Romy: And, Sheri, what did you find some of the main key barriers or maybe just all out fail points that were reoccurring from what you were observing? Why it wasn't working?
Sheri: Yeah, what was interesting, the pain points usually were really out of people wanting to do good. It wasn't a matter of people not wanting to spend their money or give or people not having heart to do well. It was truly just a lot of repeated work, a lot of overlap, a lot of people not realizing that there is something much like their great idea just down the street or next door.
I did this kind of boots on the ground. I decided I ... of course, attended conferences and listened to think partners, but I also decided to do just boots on the ground. And by doing boots on the ground, I could walk with each different sector with channels of influence and see what they were experiencing, and then, I would take copious notes.
So, I could walk with the family who was being cared for. I could walk with the city official. I could walk with the faith community and an investor and take notes, and what I noticed was that there was a lot of duplicate effort, and I felt like that was the one takeaway. I have to be a part of solving this problem, the duplicate effort.
Romy: You hit on a lot of points. It was the faith community, perhaps the government or civic, and then, the beneficiary. It might be a family or a person, and then, what else did you say in there because the faith community, government, and maybe the family or social mission beneficiary and ...
Sheri: And the non-profit [crosstalk].
Romy: And the non-profit, okay. Okay, yeah. So, you've got this discovery because I think that a lot of us acknowledge that that is happening. How did the different groups respond when you started to highlight some of this overlap? Were they defensive, or were they openly looking for a solution?
Sheri: That's a good question. I think it comes with a mixed response because a lot of people, I'm sure, felt the same thing. This was not a new revelation to them, but they're weary, right?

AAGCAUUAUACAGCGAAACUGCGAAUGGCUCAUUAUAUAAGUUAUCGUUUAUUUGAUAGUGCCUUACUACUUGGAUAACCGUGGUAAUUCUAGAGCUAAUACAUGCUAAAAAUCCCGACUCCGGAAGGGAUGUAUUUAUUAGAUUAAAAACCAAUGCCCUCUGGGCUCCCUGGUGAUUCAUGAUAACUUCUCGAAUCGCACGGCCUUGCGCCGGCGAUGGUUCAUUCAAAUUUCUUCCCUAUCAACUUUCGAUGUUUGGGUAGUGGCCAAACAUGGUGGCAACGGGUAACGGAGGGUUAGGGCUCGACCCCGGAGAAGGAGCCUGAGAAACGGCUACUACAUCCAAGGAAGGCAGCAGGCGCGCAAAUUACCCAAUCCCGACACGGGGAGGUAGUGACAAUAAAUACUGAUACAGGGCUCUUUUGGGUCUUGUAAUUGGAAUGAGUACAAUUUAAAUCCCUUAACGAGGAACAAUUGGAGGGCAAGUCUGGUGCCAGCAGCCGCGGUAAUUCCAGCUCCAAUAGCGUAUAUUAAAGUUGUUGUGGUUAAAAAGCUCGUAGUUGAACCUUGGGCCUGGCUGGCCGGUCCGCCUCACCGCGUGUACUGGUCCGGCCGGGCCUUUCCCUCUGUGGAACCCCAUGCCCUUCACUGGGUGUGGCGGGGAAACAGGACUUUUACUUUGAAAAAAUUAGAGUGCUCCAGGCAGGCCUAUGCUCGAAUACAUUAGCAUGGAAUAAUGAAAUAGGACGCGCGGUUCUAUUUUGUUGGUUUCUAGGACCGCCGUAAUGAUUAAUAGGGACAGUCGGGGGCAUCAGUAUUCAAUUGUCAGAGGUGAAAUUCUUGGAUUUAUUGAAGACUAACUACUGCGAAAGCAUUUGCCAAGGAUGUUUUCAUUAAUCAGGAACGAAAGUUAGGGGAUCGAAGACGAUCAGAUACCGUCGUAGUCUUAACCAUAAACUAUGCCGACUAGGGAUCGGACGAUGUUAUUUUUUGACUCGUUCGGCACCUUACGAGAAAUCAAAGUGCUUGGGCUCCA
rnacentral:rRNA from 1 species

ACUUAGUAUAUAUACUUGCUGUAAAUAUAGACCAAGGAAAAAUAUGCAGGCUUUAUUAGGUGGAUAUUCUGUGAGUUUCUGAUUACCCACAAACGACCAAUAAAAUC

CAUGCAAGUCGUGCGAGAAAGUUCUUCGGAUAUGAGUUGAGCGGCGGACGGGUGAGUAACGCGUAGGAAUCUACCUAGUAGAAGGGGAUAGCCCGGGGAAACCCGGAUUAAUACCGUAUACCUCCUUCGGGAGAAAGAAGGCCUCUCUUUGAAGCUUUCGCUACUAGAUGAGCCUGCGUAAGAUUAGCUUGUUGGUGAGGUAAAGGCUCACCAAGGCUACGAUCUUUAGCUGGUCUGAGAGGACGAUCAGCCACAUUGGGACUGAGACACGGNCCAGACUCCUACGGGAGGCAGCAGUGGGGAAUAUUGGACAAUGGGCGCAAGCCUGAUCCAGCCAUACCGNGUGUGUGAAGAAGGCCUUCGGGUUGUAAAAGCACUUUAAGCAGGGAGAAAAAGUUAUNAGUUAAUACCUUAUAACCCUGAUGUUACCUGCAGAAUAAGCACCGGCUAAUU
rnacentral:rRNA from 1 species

Romy: Mm-hmm (affirmative).
Sheri: It's like, how do you make time to collaborate well? So the good thing was coming in as a neutral convener, coming in with the heart that I just want to help make this better, and I wasn't trying to change the identity of each of the organizations and what they have to bring or even how they want to do it.
I was just trying to find where are the common points so that we can really reduce overhead. We can reduce duplicate efforts and increase our impact, and people responded really well to that.
Romy: Yeah, I bet. Weary, I feel is an operative word there. You can see a solution, but when you're just so tired, and you're just trying to get to that very next step, changing it even for the better sometimes can feel overwhelming, you know?
Sheri: Mm-hmm (affirmative). Mm-hmm (affirmative).
Romy: Yeah. We do have a lot of ...
Sheri: And the good thing is, at that-
Romy: Oh, I'm sorry. I talked over you by accident. Go ahead.
Sheri: That's okay. The good thing is at that point; you have to keep in mind that I was still on my curious journey. So, at that point, I wasn't coming in as a business, I wasn't, or even a non-profit or a program. I was coming in asking questions.
So, it seemed like for the first time, maybe why I gained some favor in the research was because I really was curious. I did not come with answers. I came to create a conversation, and I think that was really refreshing for the people who at least I spoke with.
Romy: Yeah. And then now, it's fully turned in to a physical space as of last week, right, June of 2018, right?
Sheri: Link2Lift?
Romy: Yes.
Sheri: Okay, well, so what I do is my client has physical space, so in this curious journey, what I realized was space played a role in collaboration. All these people who had weary work and were working in isolation, many times when you get them in the same room, they're more than happy to work together.
So, when I identified space played a role in collaboration, and yet almost every time I had a meeting, I was meeting in these big buildings that were empty, and it just ... I found irony in it. So, yeah, we turned the idea, all the research from 2013 to two thousand ... really '15, '16. I turned it into, "Okay, how can we repurpose tools that are right at our fingertips?"
A lot of these people have access to buildings, and co-working is not a new idea, but what if we applied co-working a little more intentionally and either the client as a business person who would like to build an accelerator or use technology to your advantage. But what if we dedicate a tenth of that to this non-profit collaboration?